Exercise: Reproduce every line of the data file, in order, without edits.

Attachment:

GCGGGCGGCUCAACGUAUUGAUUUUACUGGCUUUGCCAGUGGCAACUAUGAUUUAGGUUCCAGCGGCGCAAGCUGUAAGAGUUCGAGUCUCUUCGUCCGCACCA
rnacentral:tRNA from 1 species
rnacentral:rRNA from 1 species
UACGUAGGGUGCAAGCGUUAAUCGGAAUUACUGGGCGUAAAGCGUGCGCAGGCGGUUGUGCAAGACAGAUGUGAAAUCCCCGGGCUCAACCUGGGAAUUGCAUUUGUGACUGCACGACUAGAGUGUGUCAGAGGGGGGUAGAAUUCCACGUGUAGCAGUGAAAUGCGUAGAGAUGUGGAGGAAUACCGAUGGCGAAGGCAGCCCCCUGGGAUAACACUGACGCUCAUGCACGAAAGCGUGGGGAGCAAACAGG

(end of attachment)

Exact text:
GCGGGCGGCUCAACGUAUUGAUUUUACUGGCUUUGCCAGUGGCAACUAUGAUUUAGGUUCCAGCGGCGCAAGCUGUAAGAGUUCGAGUCUCUUCGUCCGCACCA
rnacentral:tRNA from 1 species
rnacentral:rRNA from 1 species
UACGUAGGGUGCAAGCGUUAAUCGGAAUUACUGGGCGUAAAGCGUGCGCAGGCGGUUGUGCAAGACAGAUGUGAAAUCCCCGGGCUCAACCUGGGAAUUGCAUUUGUGACUGCACGACUAGAGUGUGUCAGAGGGGGGUAGAAUUCCACGUGUAGCAGUGAAAUGCGUAGAGAUGUGGAGGAAUACCGAUGGCGAAGGCAGCCCCCUGGGAUAACACUGACGCUCAUGCACGAAAGCGUGGGGAGCAAACAGG